Hello YALSA members and friends ,
ALA sent a letter to WSJ on 6/10 in response to the Meghan Cox Gurdon article. The letter was a joint response from ALA, OIF and YALSA. However, it now appears that the Wall St. Journal isn’t going to publish ALA’s response to the YA lit article so I wanted to make sure and share it with all of you just so you could be aware that it was sent and so that it was available to use as a jumping off point if anyone needs it as they conduct interviews or answer questions that may continue to arise.
In “Darkness Too Visible” (Bookshelf, June 4), Meghan Cox Gurdon shares her thoughts on the state of young adult (YA) fiction today, raising an alarm over what she feels is the negative influence of “dark” themes in YA literature. The author believes that contemporary works project “hideously distorted portrayals of what life is” and calls for a rejection of such undesirable material.
Unfortunately, Ms. Cox Gurdon’s piece suggest that the majority of today’s young adult literature is “dark.” In fact, there are nearly 2,000 titles published each year for teens that represent an unprecedented depth and breadth of subjects and themes.
The American Library Association is dismayed at the narrow and negative focus of this article, and the suggestion that adults should protect teenagers from what Ms. Gurdon believes are the dangerous effects of YA fiction. We also need to clarify our position in opposition to censorship, which Ms. Cox Gurdon both dismisses and misrepresents.
The article cites ALA’s annual lists of “frequently challenged books”, but fails to explain the meaning or purpose behind them. ALA documents challenges, which are formal requests to remove or restrict materials in libraries and schools. A challenge is not simply a complaint. It represents an effort to deny access to information and materials to others in the community – not just the individual and his or her own family.
ALA strongly affirms the right and responsibility of parents to guide their own children’s reading. Library collections allow families to select from a broad range of works, from across the generations – not just the latest trends. Parents can find the books that touched them in adolescence to share with their children, and can work with librarians to discover other or newer material that fits their interests and needs. In an effort to help librarians, educators and parents identify books that are a good fit for them and the young people they care about, ALA, through its division known as the Young Adult Library Services Association, compiles seven annual lists of recommended reading for teens and sponsors six young adult literature awards , selected by experts in the field, including librarians, educators and parents.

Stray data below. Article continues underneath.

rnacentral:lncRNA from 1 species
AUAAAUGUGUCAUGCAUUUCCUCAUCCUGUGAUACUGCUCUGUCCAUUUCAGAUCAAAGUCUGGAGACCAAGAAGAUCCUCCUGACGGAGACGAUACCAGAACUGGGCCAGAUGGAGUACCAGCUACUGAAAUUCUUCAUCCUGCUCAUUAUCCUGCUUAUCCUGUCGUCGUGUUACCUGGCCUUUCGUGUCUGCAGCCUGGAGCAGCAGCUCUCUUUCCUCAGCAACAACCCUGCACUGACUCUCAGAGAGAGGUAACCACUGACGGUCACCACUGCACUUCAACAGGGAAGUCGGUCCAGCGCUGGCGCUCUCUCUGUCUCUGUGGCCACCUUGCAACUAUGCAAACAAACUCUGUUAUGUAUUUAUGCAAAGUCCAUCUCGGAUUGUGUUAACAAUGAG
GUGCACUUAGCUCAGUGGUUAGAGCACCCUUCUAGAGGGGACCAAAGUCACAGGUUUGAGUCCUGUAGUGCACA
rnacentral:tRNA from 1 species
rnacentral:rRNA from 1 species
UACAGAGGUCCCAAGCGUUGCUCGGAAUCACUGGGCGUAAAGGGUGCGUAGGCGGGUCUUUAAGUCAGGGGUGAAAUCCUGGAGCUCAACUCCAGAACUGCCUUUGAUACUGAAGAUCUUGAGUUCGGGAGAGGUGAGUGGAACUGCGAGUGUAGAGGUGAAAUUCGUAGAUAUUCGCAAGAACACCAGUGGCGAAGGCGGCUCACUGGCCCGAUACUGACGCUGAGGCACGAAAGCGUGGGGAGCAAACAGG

Librarians – working together with booksellers, publishers, and authors – take very seriously our role of providing access to books that can educate, enlighten, and entertain. We believe, as Ms. Cox Gurdon does, that what young people read is vitally important. We also recognize that all readers are unique, that young people vary greatly in the reading material that may positively impact them, and that we have a responsibility to provide access to a wide range of ideas.
Ms. Cox Gurdon’s distaste for certain themes in YA fiction misses the reality that such messages can be vitally important, life-changing, and even life-saving for some young readers. Her article suggests that the popularity and even the very existence of such literature crowds out more worthy or valuable books, and is an affront to particular moral values. The danger in Ms. Cox Gurdon’s argument is the implication that young readers, and even other parents and families, cannot be trusted to think for themselves. It encourages a culture of fear around YA literature – when we should instead be honoring the rich and unprecedented diversity of books and other reading materials available for young adults today.
With so many options to choose from, no parent should feel despair over the availability of reading material suitable for their children. Across the country, librarians, who are experts in matching the right book to the right young person, are eager to work with parents and young readers to select the best books and materials for them. Visit your local library and join us in celebrating the freedom to read!